1621 | Oxford

Words to the Wise

Robert Burton on finding a middle emotional ground.

“Every man,” says Seneca, “thinks his own burden the heaviest,” and a melancholy man above all others complains most. Weariness of life, abhorring all company and light, fear, sorrow, suspicion, anguish of mind, bashfulness, and those other dread symptoms of body and mind must needs aggravate this misery. Yet compared to other maladies, they are not so heinous as they be taken.

For first this disease is either in habit or disposition, curable or incurable. If new and in disposition, ’tis commonly pleasant, and it may be helped. If inveterate, or a habit, yet they have lucida inlervalla [lucid intervals], sometimes well, and sometimes ill; or if more continuate, as the Veientes were to the Romans, ’tis hostis magis assiduus quam gravis, “a more durable enemy than dangerous”; and among many inconveniences, some comforts are annexed to it. First, it is not catching, and as Erasmus comforted himself when he was grievously sick of the stone, though it was most troublesome, and an intolerable pain to him, yet it was no whit offensive to others, not loathsome to the spectators, ghastly, fulsome, terrible, as plagues, apoplexies, leprosies, wounds, sores, tetters, pox, pestilent agues are, which either admit of no company, terrify or offend those that are present. In this malady, that which is, is wholly to themselves, and those symptoms not so dreadful if they be compared to the opposite extremes. They are most part bashful, suspicious, solitary, etc., therefore no such ambitious, impudent intruders as some are, no sharkers, no coney catchers, no prowlers, no smell feasts, praters, panders, parasites, bawds, drunkards, whoremasters; necessity and defect compel them to be honest; as Micio told Demea in the comedy, Haec si neque ego neque tu fecimus, / Non sivit egestas facere nos: “If we be honest, ’twas poverty made us so”; if we melancholy men be not as bad as he that is worst, ’tis our dame Melancholy kept us so: non deerat voluntas sed facultas [not the will but the power was wanting].

A lifetime of happiness! No man alive could bear it: it would be hell on earth.

—George Bernard Shaw, 1903

Besides, they are freed in this from many other infirmities, solitariness makes them more apt to contemplate, suspicion wary, which is a necessary humor in these times, nam pol qui maxime cavet, is saepe cautor captus est, “he that takes most heed is often circumvented and overtaken.” Fear and sorrow keep them temperate and sober and free them from any dissolute acts, which jollity and boldness thrust men upon. They are therefore no sicarii, roaring boys, thieves, or assassins. As they are soon dejected, so they are as soon, by soft words and good persuasions, reared. Wearisomeness of life makes them they are not so besotted on the transitory vain pleasures of the world. If they dote in one thing, they are wise and well understanding in most other. If it be inveterate, they are insensati, most part doting, or quite mad, insensible of any wrongs, ridiculous to others, but most happy and secure to themselves. Dotage is a state which many much magnify and commend: so is simplicity, and folly, as he said, Hic furor, o superi, sit mihi perpetuus [with this madness I pray the gods I may ever be afflicted]. Some think fools and dizzards live the merriest lives, as Ajax in Sophocles, Nihil scire vita jucundissima, “ ’tis the pleasantest life to know nothing”; iners malorum remedium ignorantia, “ignorance is a downright remedy of evils.” These curious arts and laborious sciences, Galen’s, Tully’s, Aristotle’s, Justinian’s, do but trouble the world, some think; we might live better with that illiterate Virginian simplicity, and gross ignorance; entire idiots do best, they are not macerated with cares, tormented with fears and anxiety, as other wise men are; for as he said, if folly were a pain, you should hear them howl, roar, and cry out in every house as you go by in the street, but they are most free, jocund, and merry, and in some countries, as among the Turks, honored for saints, and abundantly maintained out of the common stock. They are no dissemblers, liars, hypocrites, for fools and madmen tell commonly truth. In a word, as they are distressed, so are they pitied, which some hold better than to be envied, better to be sad than merry, better to be foolish and quiet, quam sapere et ringi, “[than] to be wise and still vexed”; better to be miserable than happy: of two extremes it is the best.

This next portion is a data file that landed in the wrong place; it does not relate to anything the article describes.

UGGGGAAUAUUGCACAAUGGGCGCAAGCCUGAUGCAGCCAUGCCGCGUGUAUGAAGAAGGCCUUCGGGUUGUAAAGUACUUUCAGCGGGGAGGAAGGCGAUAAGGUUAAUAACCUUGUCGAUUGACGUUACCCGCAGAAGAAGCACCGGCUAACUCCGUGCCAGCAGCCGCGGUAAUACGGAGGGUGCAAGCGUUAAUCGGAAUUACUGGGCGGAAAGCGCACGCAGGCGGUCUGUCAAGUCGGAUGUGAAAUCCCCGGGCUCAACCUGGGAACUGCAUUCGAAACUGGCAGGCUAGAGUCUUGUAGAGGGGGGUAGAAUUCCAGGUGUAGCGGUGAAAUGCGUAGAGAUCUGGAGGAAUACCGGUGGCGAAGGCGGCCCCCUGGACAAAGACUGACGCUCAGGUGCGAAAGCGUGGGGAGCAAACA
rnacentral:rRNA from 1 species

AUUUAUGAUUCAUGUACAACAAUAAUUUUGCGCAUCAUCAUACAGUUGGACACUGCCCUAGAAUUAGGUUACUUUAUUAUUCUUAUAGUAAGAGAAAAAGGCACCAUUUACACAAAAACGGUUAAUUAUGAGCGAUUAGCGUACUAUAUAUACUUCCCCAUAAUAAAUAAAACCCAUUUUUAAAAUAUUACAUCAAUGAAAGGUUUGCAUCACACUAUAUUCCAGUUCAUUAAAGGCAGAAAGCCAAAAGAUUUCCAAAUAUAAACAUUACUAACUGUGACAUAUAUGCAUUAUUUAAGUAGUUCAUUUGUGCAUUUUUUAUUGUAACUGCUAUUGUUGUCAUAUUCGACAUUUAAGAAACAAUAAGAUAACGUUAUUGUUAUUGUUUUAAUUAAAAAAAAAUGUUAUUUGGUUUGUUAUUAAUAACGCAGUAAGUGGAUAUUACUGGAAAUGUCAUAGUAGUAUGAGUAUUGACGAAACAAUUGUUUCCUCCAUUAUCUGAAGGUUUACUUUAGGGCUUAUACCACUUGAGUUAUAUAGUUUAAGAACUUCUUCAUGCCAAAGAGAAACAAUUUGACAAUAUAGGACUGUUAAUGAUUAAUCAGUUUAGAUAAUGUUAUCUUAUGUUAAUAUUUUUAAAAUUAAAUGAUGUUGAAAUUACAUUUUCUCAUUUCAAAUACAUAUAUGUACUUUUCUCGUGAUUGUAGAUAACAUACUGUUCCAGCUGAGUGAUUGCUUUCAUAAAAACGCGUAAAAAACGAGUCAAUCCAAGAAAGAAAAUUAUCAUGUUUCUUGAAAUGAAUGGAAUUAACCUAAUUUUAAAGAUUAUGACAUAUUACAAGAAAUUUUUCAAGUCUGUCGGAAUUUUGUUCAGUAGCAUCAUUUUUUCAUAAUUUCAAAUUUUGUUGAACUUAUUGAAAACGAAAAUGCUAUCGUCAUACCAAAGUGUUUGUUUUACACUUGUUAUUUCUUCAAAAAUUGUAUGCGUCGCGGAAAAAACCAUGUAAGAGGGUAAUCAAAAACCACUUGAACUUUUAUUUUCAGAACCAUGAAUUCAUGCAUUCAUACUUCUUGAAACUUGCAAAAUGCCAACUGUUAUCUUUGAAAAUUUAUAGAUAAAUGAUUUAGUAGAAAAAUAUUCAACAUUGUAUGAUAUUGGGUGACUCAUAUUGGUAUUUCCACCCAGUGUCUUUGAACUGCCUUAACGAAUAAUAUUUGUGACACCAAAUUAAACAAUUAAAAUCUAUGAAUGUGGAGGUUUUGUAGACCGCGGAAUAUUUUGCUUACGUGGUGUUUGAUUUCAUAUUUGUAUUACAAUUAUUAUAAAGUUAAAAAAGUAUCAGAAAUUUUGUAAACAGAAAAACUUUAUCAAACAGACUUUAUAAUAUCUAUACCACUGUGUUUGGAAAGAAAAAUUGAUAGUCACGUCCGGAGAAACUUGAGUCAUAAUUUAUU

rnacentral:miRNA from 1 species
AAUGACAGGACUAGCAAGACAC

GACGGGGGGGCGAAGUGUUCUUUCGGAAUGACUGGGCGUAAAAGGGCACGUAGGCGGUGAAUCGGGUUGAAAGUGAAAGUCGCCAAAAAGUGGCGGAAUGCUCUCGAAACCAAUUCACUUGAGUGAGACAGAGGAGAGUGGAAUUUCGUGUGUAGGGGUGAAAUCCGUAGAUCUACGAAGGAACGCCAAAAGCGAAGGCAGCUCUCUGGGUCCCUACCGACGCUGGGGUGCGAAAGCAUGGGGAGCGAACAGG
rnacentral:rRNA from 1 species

Robert Burton

From The Anatomy of Melancholy. The first edition of Anatomy—which Burton claimed to have written to relieve his own melancholy—appeared in 1621 to popular acclaim. “In the multitude of wisdom is much grief,” he quotes from Ecclesiastes, “and he that increaseth wisdom, increaseth sorrow.” The clergyman issued five further revisions of the text before his death in 1640. “For Burton,” wrote William Gass, “learning is the disease that will cure his other ailments the way consolidating your debts will bring due only one—still crushing—lump-sum payment.”